Frequency illusion is common in the linguistic field. Zwicky, who coined the term frequency illusion, is a linguist himself. He gave the example of how linguists "working on innovative uses of 'all,' especially the quotative use," believed their friends used the quotative "all" in conversation frequently. However, when the linguists actually transcribed these conversations, the number of times they used the quotative "all" was found to be significantly lower compared to their expectations.[2] This is most relevant when commenting on modern linguistic trends such as young people using specific phrases. When the phrases' actual frequency of use in the past is examined, however, it is revealed that they are much more frequent throughout history than initially predicted.[2]

Frequency illusion has also been commonly observed in prescriptive language publications, suggesting that prescriptive authors heavily rely on frequency statements and their alignment with empirical linguistic data.[3] A study empirically investigating the illusion found that frequency statements commonly used in prescriptive publication actually constitute instances of frequency illusions, as proposed by Zwicky. Comparison of statements to linguistic sources such as dictionaries shows that they often don’t match actual language usage patterns. Discrepancy between prescriptive language norms and empirical linguistic data highlights the need for increased awareness and scrutiny of language prescriptions advocated in such publications.[3]



In the field of medicine, frequency illusion could help doctors, radiologists, and medical professionals detect diseases. Rare diseases or conditions can often get overlooked by those in the medical field due to an unfamiliarity with the condition.[19] For instance, during the peak of the COVID-19 pandemic, doctors worldwide would observe discoloration of toes in patients and quickly conclude that it was a sign of COVID-19 due to concurrent timing.[13] This is because the skin is considered to reflect underlying health conditions during this period[clarification needed]. However, later research revealed lower incidence among the patients, demonstrating a misinterpretation influenced by frequency illusion.[20]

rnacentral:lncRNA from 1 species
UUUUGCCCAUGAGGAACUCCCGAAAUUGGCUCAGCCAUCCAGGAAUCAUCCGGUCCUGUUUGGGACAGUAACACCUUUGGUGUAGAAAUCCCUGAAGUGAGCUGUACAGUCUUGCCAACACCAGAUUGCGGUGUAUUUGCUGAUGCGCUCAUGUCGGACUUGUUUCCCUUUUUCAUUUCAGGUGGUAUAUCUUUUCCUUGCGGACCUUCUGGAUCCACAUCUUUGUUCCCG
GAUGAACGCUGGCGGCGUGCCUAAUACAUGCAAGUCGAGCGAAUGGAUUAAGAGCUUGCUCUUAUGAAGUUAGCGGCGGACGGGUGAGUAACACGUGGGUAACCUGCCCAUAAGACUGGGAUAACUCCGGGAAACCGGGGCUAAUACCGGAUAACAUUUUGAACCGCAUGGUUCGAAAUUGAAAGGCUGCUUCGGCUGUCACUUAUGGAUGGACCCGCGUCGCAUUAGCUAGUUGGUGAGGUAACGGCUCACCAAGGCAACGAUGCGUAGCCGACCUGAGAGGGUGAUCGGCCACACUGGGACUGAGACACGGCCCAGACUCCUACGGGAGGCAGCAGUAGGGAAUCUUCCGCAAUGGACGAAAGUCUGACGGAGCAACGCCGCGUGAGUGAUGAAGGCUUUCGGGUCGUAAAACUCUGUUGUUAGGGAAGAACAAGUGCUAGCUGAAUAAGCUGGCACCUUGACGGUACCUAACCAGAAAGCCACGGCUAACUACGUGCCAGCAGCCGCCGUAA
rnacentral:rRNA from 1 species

Medical researchers suggest that based on frequency illusion, medical professionals, especially those in training, could be primed to notice rarer patterns and lesions, which would lead them to detect rare diseases and conditions with higher accuracy.[14] Even in situations where medical professionals are equipped with extensive medical equipments, the ability to recognise a condition lies in the their abilities to distinguish the particular medical condition. Therefore, increasing salience of specific rare diseases enables healthcare providers to leverage the frequency illusion, enhancing diagnostic accuracy and patient care.[14]



Frequency illusion is used by the marketing industry to make this cognitive bias work in their favour.[21] Generally, this is achieved by introducing a product through ads and familiarizing consumers with it. As a result of frequency illusion, once the consumer notices the product, they start paying more attention to it. Frequently noticing this product on social media, in conversations, and in real life leads them to believe that the product is more popular – or in more frequent use – than it actually is.[22] Either due to a desire to conform or simply to own the product, the consumer eventually makes the purchase. This phenomenon is a marketing trick that increases the likelihood of the consumer buying the product.[21]

The experimental setup, simulating an economy and shopping experience for research participants, reveals a tendency in perception biased towards aggregate inflation rates. This phenomenon is notably influenced by the inflation rates of frequently purchased goods.[23] Specifically, it has been found that women’s perception of inflation was more biased than their male counterparts, attributing this difference to women’s more regular engagement in retail shopping. As women are more exposed to the prices of commonly purchased goods, their perceptions of inflation were disproportionately influenced by inflation rates.[24] Implications of people’s tendency to be affected by frequency illusion can greatly influence economic behavior and decision-making which may affect consumption, investment and policy-making decisions.[23]